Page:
China's President Xi Jinping vowed on Saturday to realise peaceful "reunification" with Taiwan, after a week of tensions with the self-governing island that sparked international concern.
Mr Xi was speaking at an official celebration in Beijing’s Great Hall of the People that focused largely on the need for the ruling Communist Party to continue to lead China as the country rises in power and influence.
“Reunification through a peaceful manner is the most in line with the overall interest of the Chinese nation, including Taiwan compatriots,” he said.
Mr Xi’s remarks came just days after the Chinese military sent a record number of military aircraft flying towards Taiwan in exercises that the island has called a threat.
Taiwan's presidential office responded by saying the island was sovereign and independent, not part of the People's Republic of China, and had clearly rejected China's offer of "one country, two systems" to rule the island.
"The nation's future rests in the hands of Taiwan's people," it said.
Mr Xi struck a slightly softer tone than in July, his last major speech mentioning Taiwan, in which he vowed to "smash" any attempts at formal independence. In 2019, he directly threatened to use force to bring the island under Beijing's control.
Saturday's celebration was in honour of the 110th anniversary of the Chinese revolution in 1911 that led to the overthrow of the Qing dynasty and establishment of the Republic of China led by Sun Yat-sen.
October 10 is celebrated in Taiwan as National Day and Mr Xi’s address touched on common aspirations for a unified future, despite the stark differences between China’s one-party system and Taiwan’s multi-party democracy.
"Taiwan independence separatism is the biggest obstacle to achieving the reunification of the motherland, and the most serious hidden danger to national rejuvenation," he said.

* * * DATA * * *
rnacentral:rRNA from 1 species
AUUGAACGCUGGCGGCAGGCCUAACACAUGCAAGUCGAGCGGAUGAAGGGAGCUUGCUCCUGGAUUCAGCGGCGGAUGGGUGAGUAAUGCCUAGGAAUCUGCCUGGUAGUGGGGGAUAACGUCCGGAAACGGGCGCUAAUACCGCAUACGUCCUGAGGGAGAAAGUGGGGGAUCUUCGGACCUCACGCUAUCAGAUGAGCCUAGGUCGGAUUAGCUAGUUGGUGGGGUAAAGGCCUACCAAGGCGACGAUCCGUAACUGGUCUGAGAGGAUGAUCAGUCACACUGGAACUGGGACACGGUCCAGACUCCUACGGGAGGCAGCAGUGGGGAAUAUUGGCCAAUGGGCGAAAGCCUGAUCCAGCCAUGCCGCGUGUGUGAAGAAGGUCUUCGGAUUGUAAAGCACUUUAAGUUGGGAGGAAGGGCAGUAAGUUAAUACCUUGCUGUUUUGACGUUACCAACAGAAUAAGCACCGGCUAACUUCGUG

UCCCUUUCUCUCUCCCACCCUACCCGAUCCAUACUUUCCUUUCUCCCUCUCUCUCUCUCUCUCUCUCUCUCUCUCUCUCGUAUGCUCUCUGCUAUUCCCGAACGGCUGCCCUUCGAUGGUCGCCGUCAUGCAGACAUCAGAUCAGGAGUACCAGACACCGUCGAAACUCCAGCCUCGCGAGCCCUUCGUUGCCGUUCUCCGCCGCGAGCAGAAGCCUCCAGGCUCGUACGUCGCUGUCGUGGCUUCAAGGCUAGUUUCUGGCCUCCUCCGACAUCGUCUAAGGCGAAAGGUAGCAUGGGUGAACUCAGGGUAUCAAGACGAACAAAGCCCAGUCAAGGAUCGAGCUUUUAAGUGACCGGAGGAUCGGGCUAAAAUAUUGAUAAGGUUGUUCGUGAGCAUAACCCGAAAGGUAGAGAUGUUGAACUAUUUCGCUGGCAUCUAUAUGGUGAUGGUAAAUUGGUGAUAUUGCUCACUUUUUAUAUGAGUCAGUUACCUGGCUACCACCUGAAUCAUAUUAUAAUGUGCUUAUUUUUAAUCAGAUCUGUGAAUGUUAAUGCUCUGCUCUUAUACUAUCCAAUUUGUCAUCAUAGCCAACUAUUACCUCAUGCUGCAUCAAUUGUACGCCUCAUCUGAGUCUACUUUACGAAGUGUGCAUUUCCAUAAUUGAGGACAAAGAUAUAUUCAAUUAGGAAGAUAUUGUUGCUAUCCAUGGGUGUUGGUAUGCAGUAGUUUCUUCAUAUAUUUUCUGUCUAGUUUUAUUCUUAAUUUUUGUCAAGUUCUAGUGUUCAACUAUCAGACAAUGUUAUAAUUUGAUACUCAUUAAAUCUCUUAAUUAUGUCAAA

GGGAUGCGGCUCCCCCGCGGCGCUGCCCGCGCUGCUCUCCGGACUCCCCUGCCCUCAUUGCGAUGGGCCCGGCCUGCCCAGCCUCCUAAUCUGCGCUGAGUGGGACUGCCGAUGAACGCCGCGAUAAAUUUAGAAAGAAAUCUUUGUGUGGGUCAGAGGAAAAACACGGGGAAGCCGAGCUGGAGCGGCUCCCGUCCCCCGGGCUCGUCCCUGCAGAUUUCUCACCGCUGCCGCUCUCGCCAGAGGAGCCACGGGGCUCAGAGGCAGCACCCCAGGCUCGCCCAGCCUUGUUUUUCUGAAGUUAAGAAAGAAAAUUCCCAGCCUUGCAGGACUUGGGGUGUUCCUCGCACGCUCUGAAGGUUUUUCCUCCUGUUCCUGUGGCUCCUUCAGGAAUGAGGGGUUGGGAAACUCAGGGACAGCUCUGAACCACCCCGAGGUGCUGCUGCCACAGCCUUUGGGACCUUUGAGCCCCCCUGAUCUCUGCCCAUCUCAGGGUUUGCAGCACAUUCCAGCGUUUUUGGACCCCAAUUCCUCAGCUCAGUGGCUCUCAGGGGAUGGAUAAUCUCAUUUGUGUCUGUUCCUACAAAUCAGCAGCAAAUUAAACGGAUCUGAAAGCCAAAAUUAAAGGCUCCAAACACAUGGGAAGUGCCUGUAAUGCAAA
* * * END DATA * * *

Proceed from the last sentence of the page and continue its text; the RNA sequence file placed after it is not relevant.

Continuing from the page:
"No one should underestimate the Chinese people's staunch determination, firm will, and strong ability to defend national sovereignty and territorial integrity. The historical task of the complete reunification of the motherland must be fulfilled, and will definitely be fulfilled.
"Without the Chinese Communist Party, there would not be a New China, and therefore no rejuvenation of the Chinese people."
Taiwan and China split in 1949 amid civil war, with the then ruling Nationalist Party fleeing to the island as Mao Zedong’s Communists swept to power on the mainland.
Since then, Taiwan has been self-ruled, but its sovereignty is denied by Beijing, which has refused to renounce the option of using force to bring the island under its control.
Beijing has also sought to isolate Taiwan internationally by barring it from the United Nations and other international organisations and opposing official contacts between its government and nations that recognise China, especially the US, which is legally bound to consider threats against Taipei a matter of “grave concern”.